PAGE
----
Abortion rights continue to be denounced by Scalia and Thomas and continue to be hated by many millions of Americans. Does that make Roe v. Wade“unworkable”? Many of the Court’s recent abortion decisions—in overruling a recent decision in order to permit a ban on “partial-birth” abortion, for instance—might well be thought to “erode” Roe‘s “doctrinal foundations.” Does that makeRoe itself ripe for overruling? (Much of the Roberts Court’s jurisprudence might be preparing for the day it does that.) When do the pertinent facts change sufficiently to permit overruling? If television electioneering does prove to intimidate congressmen and corrupt democracy, as Senator Sheldon Whitehouse of Rhode Island predicted, would that mean that “factual circumstances” had changed sufficiently to overrule Citizens United? These are obvious questions that no one asked.
Kagan also spoke repeatedly about another important jurisprudential issue: she vowed to interpret congressional statutes according to what Congress intended.
But what can the idea of Congress’s intention mean? Individual senators and representatives vote for or against a statute laid before them for a variety of reasons and with a variety of expectations, some of them plainly irrelevant, such as a desire to please campaign contributors or party leaders. Judges who appeal to a legislative purpose do not have in mind some psychological amalgam of these different purposes of different legislators: finding the intention of the legislative body as a whole requires an interpretive, not a psychological judgment. It requires a judge to make the best sense of a statute’s language in the political and economic circumstances in which Congress acted, taking everything Kagan mentioned into account.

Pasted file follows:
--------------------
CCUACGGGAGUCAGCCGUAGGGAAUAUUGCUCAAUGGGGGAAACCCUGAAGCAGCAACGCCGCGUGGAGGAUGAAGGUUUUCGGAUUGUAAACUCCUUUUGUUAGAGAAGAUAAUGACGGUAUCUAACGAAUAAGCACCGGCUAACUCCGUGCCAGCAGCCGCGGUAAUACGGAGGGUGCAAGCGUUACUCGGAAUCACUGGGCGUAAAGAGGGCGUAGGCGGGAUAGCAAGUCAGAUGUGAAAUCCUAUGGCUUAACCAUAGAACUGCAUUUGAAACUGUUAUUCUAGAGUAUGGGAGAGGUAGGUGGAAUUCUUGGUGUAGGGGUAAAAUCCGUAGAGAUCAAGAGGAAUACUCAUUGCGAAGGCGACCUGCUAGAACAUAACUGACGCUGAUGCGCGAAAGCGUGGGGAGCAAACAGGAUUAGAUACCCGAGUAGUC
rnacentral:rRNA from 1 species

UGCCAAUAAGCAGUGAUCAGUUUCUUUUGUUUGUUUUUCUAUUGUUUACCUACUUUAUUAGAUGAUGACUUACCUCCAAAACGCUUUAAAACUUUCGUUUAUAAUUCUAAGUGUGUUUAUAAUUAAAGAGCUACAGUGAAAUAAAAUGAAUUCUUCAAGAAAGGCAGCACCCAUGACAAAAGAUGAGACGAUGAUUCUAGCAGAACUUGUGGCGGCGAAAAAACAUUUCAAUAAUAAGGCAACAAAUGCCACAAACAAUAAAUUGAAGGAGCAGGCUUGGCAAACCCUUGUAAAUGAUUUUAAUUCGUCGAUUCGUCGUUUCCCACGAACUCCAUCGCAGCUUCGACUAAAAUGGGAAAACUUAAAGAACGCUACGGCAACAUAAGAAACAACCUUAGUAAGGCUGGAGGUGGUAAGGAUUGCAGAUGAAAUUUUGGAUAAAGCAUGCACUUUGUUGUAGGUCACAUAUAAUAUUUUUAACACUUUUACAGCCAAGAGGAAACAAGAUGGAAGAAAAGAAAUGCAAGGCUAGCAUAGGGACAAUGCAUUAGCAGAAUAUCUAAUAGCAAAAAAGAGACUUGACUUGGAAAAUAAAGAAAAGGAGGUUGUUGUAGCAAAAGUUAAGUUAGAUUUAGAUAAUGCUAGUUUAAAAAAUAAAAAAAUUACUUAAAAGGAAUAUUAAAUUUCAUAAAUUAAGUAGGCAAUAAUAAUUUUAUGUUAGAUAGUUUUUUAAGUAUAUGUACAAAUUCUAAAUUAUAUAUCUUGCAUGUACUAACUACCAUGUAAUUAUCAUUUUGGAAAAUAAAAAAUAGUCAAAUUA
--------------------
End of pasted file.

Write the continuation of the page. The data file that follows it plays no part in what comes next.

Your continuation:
When a text is unclear or radically abstract—when it speaks, for instance, of “unreasonable” restraints of trade—that interpretive judgment must draw on a judge’s own political sense. Kagan might have been pressed to say not merely what factors count but how they count. She might have been invited to describe the standards she would use, which might well differ from those of other judges, to make the interpretive leap from bare history to substantive interpretation.